When Do You Breath When Exercising?

June 14, 2023

Breath work is often emphasized in pelvic floor physical therapy, and while it’s not something I focus on extensively in my approach, I do recognize its importance. In my work I prefer to prioritize movement and teaching you how to move better because that’s what I have found to be most effective in my clinical practice.

When I guide you through exercises, my main focus is on the quality of your movements. Are you maintaining proper alignment? Are you engaging the right muscles? These are the cues I want you to pay attention to during our workouts. By learning how to move better, you can achieve the best and fastest results in addressing pelvic floor issues like incontinence, prolapse, or pain.

That being said, breathing does play a role in pelvic floor function. The relationship between the diaphragm and the pelvic floor is significant. When you inhale, your diaphragm drops down, and your pelvic floor relaxes. As you exhale, your diaphragm lifts up, and your pelvic floor lifts as well. This coordination is important for proper support and function.

If you’re curious about how to breathe during your pelvic floor workouts, here’s a general guideline. Inhale as you initiate the movement and exhale for power or strength as you come out of the movement. For example, during squats or lunges, you would inhale as you go down into the movement and exhale as you come up.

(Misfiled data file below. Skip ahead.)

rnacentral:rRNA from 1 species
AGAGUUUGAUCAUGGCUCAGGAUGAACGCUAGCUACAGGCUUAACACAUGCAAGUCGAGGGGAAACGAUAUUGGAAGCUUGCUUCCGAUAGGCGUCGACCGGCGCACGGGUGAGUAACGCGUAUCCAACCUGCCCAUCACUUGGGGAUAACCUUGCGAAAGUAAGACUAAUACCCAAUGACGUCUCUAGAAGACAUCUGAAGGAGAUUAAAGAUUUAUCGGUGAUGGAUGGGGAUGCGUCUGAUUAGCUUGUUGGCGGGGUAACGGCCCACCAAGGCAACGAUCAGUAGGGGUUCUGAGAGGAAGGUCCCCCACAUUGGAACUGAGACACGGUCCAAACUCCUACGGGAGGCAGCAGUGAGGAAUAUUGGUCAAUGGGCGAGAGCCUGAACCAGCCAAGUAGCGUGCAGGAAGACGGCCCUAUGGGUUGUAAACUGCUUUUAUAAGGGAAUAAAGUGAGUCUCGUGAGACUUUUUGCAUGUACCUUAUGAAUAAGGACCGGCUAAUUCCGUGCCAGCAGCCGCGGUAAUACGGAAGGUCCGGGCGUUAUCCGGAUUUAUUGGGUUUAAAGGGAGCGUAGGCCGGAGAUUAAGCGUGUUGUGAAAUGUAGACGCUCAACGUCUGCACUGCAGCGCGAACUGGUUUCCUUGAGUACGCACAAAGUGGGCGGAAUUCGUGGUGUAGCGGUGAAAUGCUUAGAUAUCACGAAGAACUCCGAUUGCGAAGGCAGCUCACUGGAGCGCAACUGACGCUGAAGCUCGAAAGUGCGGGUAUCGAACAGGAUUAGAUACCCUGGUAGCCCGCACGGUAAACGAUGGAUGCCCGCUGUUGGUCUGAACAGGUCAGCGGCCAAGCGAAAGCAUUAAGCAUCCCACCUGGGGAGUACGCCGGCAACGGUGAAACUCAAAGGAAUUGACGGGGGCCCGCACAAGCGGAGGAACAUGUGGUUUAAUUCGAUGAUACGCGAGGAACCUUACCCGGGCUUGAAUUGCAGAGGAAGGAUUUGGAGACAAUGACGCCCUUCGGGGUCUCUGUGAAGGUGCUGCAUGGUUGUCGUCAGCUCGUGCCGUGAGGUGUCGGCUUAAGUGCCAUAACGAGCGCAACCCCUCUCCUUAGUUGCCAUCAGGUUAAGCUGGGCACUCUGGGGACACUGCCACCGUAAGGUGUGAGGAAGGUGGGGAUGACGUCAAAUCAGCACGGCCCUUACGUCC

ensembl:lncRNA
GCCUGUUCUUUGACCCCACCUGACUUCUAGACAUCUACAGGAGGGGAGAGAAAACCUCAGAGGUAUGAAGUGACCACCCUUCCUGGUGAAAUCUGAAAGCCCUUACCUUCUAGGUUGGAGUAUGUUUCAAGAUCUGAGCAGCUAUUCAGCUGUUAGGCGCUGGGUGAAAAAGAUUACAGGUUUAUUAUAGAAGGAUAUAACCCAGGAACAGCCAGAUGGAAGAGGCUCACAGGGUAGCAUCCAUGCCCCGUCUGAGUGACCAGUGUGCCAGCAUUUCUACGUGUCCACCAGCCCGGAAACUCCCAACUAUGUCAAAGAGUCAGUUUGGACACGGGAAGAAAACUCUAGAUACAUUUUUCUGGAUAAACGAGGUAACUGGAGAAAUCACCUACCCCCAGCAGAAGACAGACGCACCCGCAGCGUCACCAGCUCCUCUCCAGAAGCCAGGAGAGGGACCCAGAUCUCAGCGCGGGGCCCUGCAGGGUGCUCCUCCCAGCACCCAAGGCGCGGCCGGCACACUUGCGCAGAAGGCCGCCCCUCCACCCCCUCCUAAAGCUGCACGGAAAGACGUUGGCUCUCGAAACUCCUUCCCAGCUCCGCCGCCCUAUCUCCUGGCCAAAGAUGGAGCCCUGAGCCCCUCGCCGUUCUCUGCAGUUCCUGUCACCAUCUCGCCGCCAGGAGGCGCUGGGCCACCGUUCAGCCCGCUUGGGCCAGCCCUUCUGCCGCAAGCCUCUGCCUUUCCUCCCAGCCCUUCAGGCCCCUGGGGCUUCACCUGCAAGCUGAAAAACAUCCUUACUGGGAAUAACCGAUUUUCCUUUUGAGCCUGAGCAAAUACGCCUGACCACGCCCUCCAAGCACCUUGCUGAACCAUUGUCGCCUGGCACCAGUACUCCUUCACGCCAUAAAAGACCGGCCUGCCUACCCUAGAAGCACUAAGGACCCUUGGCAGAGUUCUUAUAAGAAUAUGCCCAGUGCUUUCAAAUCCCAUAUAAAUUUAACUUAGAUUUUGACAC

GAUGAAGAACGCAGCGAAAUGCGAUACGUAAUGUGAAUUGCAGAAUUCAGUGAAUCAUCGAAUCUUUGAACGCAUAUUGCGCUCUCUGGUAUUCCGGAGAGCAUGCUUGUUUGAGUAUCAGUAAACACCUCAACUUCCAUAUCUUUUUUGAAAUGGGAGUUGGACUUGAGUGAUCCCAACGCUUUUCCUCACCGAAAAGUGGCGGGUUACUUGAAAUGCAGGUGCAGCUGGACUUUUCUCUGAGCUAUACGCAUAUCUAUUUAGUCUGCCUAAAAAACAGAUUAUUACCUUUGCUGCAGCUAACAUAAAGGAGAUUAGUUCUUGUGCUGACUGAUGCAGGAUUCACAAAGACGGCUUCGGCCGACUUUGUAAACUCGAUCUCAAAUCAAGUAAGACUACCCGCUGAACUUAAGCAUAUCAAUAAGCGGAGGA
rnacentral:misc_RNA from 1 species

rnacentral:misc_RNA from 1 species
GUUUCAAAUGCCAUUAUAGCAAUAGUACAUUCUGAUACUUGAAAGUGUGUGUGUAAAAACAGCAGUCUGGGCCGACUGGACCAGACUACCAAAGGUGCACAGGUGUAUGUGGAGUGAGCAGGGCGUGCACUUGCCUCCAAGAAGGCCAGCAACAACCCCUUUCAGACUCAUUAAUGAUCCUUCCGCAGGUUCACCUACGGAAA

However, when it comes to faster-paced exercises, such as speed drills, I don’t want you to focus too much on your breath. Instead, prioritize the movement and speed. Breathing will naturally fall into place as you establish a solid foundation of proper movement.

It’s important to remember that pelvic floor health is influenced by various factors, including movement, breath work, Kegels, diet, hormones, and more. It’s a comprehensive approach that requires all the pieces to come together. When you’re just starting, I recommend focusing on mastering the movement cues and gradually incorporating breath work. Remember, it’s a holistic approach that combines various elements to support your pelvic floor health.

Share to: